3. When the contact is broken, the current is cut off, and the armature and diaphragm are released. 
  4. The oscillation of the diaphragm during this process results in the horn sounding. 

Most horns of the electrical variety reach sound levels of approximately 107-109 decibels, and often the sounds we hear from the modern car aren’t created from one horn, but two; one for high notes and one for low notes. Due to the electrical horn’s ability to produce such a wide range of sounds and frequencies, it is the most commonly used type of car horn today. 

Car Horns as Communication

Driver hitting the car's horn while a woman is passing by the street.

According to Josh Martin, developing an understanding of horn honking as communication “is very important because an ignorance of this cultural nuance can lead to unwarranted stress, prangs, fights, and injury when driving abroad.”

Jathla A. Mahmood agrees. In a recent publication, Mahmood argues that “honking is a language” that goes beyond its use as an expression of rage, impatience, or impending calamity.

Seeking to uncover how we use horn honking as a form of non-verbal communication, Mahmood scoured the internet, visiting blogs, forums, comments sections, and chat rooms, searching for any discussions on the subject. 

It turns out that input from horn honkers across various countries and cultures indicates that horn honking is more nuanced than previously considered. In many countries and cultures, it is an essential form of communication in people’s lives and a relatively common topic of discussion among internet users globally. As Mahmood notes, “In many countries, horn honking is not just ‘rarely’ used to communicate road-related messages. On the contrary, it is used more frequently to express a variety of meanings.”

From the available data, Mahmood concludes that citizens of the United States generally limit their use of horn honking to communicate only danger or frustration. However, in other countries, horn honks express different meanings. For example, one tourist describes Italians’ liberal use of the car horn as a passionate “opera of horns.”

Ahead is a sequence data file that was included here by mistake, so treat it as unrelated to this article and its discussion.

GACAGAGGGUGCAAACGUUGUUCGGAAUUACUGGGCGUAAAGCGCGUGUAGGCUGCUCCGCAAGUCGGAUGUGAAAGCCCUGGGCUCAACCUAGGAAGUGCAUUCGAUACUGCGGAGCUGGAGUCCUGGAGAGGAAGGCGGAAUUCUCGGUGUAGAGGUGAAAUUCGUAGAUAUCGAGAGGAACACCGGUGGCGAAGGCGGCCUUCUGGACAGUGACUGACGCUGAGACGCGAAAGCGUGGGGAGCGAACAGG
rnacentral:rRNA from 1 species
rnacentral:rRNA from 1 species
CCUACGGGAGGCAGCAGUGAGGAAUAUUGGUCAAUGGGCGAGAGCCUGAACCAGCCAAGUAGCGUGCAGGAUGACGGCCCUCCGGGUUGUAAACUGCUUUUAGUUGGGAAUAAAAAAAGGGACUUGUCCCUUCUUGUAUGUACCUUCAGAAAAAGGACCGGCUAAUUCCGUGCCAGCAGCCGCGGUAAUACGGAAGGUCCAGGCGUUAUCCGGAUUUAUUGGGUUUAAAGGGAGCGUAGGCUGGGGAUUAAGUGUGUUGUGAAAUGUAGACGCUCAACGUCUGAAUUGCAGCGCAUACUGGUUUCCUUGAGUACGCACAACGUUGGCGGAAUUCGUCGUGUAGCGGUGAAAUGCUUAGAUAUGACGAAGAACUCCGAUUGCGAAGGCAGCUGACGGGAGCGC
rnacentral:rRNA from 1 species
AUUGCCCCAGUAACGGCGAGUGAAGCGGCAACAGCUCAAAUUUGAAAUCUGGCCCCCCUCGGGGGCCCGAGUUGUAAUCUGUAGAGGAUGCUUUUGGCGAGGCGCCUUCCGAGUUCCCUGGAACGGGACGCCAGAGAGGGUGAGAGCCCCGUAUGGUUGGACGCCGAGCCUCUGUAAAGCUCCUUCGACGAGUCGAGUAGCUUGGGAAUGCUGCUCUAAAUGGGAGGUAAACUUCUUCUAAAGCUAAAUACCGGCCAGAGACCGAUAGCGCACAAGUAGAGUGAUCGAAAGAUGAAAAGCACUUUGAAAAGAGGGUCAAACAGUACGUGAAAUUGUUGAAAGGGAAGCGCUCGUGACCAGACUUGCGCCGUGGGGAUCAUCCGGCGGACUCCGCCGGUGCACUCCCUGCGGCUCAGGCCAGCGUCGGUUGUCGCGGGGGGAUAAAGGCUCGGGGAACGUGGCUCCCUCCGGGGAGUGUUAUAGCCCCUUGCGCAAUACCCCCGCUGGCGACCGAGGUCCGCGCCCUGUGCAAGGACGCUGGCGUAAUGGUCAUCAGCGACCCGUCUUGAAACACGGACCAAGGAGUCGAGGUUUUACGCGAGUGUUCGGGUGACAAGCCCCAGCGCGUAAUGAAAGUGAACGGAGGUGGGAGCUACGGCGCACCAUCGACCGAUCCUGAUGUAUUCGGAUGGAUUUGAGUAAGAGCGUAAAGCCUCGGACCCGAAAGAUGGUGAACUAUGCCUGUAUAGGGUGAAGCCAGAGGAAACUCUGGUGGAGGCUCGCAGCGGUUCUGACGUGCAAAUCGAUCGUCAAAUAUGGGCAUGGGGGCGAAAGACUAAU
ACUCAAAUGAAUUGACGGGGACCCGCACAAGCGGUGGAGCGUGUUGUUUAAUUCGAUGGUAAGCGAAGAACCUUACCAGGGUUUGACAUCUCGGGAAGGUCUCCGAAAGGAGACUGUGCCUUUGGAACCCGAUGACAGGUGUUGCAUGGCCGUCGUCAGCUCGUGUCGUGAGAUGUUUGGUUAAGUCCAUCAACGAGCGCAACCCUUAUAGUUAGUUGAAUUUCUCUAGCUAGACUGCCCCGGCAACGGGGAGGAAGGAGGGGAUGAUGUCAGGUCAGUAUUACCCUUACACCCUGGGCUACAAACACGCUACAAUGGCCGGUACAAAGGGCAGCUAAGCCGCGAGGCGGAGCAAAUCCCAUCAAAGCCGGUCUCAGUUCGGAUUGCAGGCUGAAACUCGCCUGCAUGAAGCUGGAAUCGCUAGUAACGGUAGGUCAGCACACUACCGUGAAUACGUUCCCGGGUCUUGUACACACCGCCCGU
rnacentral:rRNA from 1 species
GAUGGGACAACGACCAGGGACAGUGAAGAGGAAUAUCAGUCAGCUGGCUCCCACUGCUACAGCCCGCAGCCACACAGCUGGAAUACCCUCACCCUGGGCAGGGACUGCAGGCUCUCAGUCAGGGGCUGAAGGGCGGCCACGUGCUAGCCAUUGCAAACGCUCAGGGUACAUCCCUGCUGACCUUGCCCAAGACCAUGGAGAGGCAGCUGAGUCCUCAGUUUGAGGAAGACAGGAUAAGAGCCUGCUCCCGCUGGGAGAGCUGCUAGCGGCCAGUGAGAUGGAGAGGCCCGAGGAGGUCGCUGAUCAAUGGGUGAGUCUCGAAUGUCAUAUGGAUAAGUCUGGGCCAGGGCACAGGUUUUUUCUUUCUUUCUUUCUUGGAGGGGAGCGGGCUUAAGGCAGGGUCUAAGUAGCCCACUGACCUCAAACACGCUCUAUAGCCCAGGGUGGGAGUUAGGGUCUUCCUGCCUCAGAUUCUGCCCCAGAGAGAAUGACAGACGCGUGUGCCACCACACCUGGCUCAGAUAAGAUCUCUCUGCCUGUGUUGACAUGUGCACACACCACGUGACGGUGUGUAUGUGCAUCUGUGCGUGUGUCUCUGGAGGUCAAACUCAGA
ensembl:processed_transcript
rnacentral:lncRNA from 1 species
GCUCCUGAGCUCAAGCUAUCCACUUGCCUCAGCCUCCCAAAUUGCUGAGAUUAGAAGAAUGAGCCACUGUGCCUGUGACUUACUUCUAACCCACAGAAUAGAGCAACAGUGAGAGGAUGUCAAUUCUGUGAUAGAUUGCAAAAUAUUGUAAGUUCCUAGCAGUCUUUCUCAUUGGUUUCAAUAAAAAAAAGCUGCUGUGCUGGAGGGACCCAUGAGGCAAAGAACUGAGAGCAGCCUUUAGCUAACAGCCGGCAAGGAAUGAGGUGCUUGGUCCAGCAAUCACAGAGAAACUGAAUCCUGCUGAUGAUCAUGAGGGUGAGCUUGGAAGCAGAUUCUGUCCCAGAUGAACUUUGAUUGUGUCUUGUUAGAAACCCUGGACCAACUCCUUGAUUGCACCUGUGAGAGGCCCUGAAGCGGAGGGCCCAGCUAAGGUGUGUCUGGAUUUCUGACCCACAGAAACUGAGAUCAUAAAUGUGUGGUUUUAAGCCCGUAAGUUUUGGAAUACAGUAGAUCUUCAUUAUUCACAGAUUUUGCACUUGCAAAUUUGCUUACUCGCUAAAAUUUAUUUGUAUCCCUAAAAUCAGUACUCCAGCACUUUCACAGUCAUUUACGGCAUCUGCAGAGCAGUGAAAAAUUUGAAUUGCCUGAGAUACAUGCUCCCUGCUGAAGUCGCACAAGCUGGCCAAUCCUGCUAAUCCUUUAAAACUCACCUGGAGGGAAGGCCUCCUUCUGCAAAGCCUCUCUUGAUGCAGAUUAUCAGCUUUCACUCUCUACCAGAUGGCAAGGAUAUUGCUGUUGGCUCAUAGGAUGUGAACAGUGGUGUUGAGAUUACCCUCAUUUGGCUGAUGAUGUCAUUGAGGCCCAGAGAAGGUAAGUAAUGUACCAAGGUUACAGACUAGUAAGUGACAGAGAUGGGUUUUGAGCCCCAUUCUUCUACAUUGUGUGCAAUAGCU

In her article, The Language of Car Horns On Kingston Road, Francis Wade details descriptions of 8 specific messages Jamaican drivers send and offers a translation of each sequence of car horn honks. Wade describes a two-tap “bright and friendly” Hello Honk, a three-tap Goodbye Honk that says, “I made it to my car without being robbed.“, and the Thank You Honk: “A slightly long single tap at medium volume”….which “must have a full, sincere tone…”  

Some car horns sing while others chirp. To explore what creates the difference, it stands to reason that we might broaden our discussion to consider more than sound level and frequency. 

Car Horn Developments: Past and Present

Early in automobile history, the 1908 Ford Model T’s horn, The Klaxon, would be uniquely recognizable among present-day horns, sending out what one might describe as a hefty “Ahooga!” 

What makes the unique sound of this car horn, one that is so different from the others? 

According to Matt Anderson, curator for transportation at the Henry Ford Museum in Dearborn, Michigan, “There’s an electric motor that drives it, but there’s a diaphragm that gets struck by teeth on a rotating wheel. As the wheel comes up to speed, you have that ‘ahoo,’ and as it slows back down, that ‘gah’ sound to it.”